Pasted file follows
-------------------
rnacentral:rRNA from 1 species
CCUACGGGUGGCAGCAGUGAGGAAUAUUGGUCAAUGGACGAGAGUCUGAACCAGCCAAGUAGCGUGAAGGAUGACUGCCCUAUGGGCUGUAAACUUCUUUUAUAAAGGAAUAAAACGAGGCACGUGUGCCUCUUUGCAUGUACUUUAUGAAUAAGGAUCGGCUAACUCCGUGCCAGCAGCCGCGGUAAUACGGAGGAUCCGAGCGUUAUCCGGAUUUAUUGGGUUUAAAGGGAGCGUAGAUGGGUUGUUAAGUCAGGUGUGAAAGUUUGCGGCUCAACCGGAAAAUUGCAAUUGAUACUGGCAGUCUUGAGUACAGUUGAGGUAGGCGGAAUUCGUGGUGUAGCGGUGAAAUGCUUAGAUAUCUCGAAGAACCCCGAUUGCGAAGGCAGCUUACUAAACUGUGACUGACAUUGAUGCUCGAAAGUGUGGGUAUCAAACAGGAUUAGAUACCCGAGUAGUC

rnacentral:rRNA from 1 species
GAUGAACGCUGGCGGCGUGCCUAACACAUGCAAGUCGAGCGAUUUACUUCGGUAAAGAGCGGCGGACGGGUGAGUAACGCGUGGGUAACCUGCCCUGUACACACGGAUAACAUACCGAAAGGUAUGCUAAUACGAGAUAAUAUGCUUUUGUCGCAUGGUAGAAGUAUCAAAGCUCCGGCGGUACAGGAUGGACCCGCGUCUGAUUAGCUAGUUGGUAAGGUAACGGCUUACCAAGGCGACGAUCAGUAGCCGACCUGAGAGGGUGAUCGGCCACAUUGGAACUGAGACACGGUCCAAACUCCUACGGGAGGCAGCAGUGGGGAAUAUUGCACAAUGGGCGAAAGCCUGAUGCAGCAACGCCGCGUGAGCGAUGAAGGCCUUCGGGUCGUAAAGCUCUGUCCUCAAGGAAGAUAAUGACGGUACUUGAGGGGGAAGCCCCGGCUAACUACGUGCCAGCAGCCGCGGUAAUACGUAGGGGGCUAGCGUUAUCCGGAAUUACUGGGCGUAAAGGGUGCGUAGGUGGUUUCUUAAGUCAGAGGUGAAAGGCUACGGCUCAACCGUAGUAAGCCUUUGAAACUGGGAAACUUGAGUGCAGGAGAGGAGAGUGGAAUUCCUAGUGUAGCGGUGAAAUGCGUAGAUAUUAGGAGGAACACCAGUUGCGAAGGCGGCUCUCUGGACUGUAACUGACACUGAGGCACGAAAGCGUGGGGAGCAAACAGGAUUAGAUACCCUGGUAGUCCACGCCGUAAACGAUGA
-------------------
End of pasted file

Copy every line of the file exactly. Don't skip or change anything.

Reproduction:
rnacentral:rRNA from 1 species
CCUACGGGUGGCAGCAGUGAGGAAUAUUGGUCAAUGGACGAGAGUCUGAACCAGCCAAGUAGCGUGAAGGAUGACUGCCCUAUGGGCUGUAAACUUCUUUUAUAAAGGAAUAAAACGAGGCACGUGUGCCUCUUUGCAUGUACUUUAUGAAUAAGGAUCGGCUAACUCCGUGCCAGCAGCCGCGGUAAUACGGAGGAUCCGAGCGUUAUCCGGAUUUAUUGGGUUUAAAGGGAGCGUAGAUGGGUUGUUAAGUCAGGUGUGAAAGUUUGCGGCUCAACCGGAAAAUUGCAAUUGAUACUGGCAGUCUUGAGUACAGUUGAGGUAGGCGGAAUUCGUGGUGUAGCGGUGAAAUGCUUAGAUAUCUCGAAGAACCCCGAUUGCGAAGGCAGCUUACUAAACUGUGACUGACAUUGAUGCUCGAAAGUGUGGGUAUCAAACAGGAUUAGAUACCCGAGUAGUC

rnacentral:rRNA from 1 species
GAUGAACGCUGGCGGCGUGCCUAACACAUGCAAGUCGAGCGAUUUACUUCGGUAAAGAGCGGCGGACGGGUGAGUAACGCGUGGGUAACCUGCCCUGUACACACGGAUAACAUACCGAAAGGUAUGCUAAUACGAGAUAAUAUGCUUUUGUCGCAUGGUAGAAGUAUCAAAGCUCCGGCGGUACAGGAUGGACCCGCGUCUGAUUAGCUAGUUGGUAAGGUAACGGCUUACCAAGGCGACGAUCAGUAGCCGACCUGAGAGGGUGAUCGGCCACAUUGGAACUGAGACACGGUCCAAACUCCUACGGGAGGCAGCAGUGGGGAAUAUUGCACAAUGGGCGAAAGCCUGAUGCAGCAACGCCGCGUGAGCGAUGAAGGCCUUCGGGUCGUAAAGCUCUGUCCUCAAGGAAGAUAAUGACGGUACUUGAGGGGGAAGCCCCGGCUAACUACGUGCCAGCAGCCGCGGUAAUACGUAGGGGGCUAGCGUUAUCCGGAAUUACUGGGCGUAAAGGGUGCGUAGGUGGUUUCUUAAGUCAGAGGUGAAAGGCUACGGCUCAACCGUAGUAAGCCUUUGAAACUGGGAAACUUGAGUGCAGGAGAGGAGAGUGGAAUUCCUAGUGUAGCGGUGAAAUGCGUAGAUAUUAGGAGGAACACCAGUUGCGAAGGCGGCUCUCUGGACUGUAACUGACACUGAGGCACGAAAGCGUGGGGAGCAAACAGGAUUAGAUACCCUGGUAGUCCACGCCGUAAACGAUGA